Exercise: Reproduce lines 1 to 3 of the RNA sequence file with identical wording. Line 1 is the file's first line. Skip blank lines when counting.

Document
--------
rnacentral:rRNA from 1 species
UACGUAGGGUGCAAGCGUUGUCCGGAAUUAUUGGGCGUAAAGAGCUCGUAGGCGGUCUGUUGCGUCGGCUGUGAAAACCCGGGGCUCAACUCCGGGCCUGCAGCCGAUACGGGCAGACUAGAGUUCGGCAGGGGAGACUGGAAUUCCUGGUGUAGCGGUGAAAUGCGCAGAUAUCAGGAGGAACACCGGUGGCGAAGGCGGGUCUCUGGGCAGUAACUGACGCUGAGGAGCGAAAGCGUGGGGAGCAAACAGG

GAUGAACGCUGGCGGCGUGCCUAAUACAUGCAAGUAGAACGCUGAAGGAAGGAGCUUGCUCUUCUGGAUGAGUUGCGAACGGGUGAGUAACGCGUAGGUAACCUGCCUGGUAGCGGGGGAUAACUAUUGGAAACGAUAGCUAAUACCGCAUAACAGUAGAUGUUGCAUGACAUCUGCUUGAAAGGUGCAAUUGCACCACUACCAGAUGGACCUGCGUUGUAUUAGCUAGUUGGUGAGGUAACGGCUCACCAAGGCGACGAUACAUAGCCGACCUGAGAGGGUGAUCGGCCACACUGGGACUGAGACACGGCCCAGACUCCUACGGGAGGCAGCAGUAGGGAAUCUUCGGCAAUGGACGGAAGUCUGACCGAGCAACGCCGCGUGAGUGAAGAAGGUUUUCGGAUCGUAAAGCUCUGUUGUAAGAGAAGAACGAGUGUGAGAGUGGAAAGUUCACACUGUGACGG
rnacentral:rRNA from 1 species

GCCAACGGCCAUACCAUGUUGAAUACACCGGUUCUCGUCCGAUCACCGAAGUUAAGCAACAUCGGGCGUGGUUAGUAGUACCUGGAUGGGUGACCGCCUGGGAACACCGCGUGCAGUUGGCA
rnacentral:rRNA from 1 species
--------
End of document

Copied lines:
rnacentral:rRNA from 1 species
UACGUAGGGUGCAAGCGUUGUCCGGAAUUAUUGGGCGUAAAGAGCUCGUAGGCGGUCUGUUGCGUCGGCUGUGAAAACCCGGGGCUCAACUCCGGGCCUGCAGCCGAUACGGGCAGACUAGAGUUCGGCAGGGGAGACUGGAAUUCCUGGUGUAGCGGUGAAAUGCGCAGAUAUCAGGAGGAACACCGGUGGCGAAGGCGGGUCUCUGGGCAGUAACUGACGCUGAGGAGCGAAAGCGUGGGGAGCAAACAGG

GAUGAACGCUGGCGGCGUGCCUAAUACAUGCAAGUAGAACGCUGAAGGAAGGAGCUUGCUCUUCUGGAUGAGUUGCGAACGGGUGAGUAACGCGUAGGUAACCUGCCUGGUAGCGGGGGAUAACUAUUGGAAACGAUAGCUAAUACCGCAUAACAGUAGAUGUUGCAUGACAUCUGCUUGAAAGGUGCAAUUGCACCACUACCAGAUGGACCUGCGUUGUAUUAGCUAGUUGGUGAGGUAACGGCUCACCAAGGCGACGAUACAUAGCCGACCUGAGAGGGUGAUCGGCCACACUGGGACUGAGACACGGCCCAGACUCCUACGGGAGGCAGCAGUAGGGAAUCUUCGGCAAUGGACGGAAGUCUGACCGAGCAACGCCGCGUGAGUGAAGAAGGUUUUCGGAUCGUAAAGCUCUGUUGUAAGAGAAGAACGAGUGUGAGAGUGGAAAGUUCACACUGUGACGG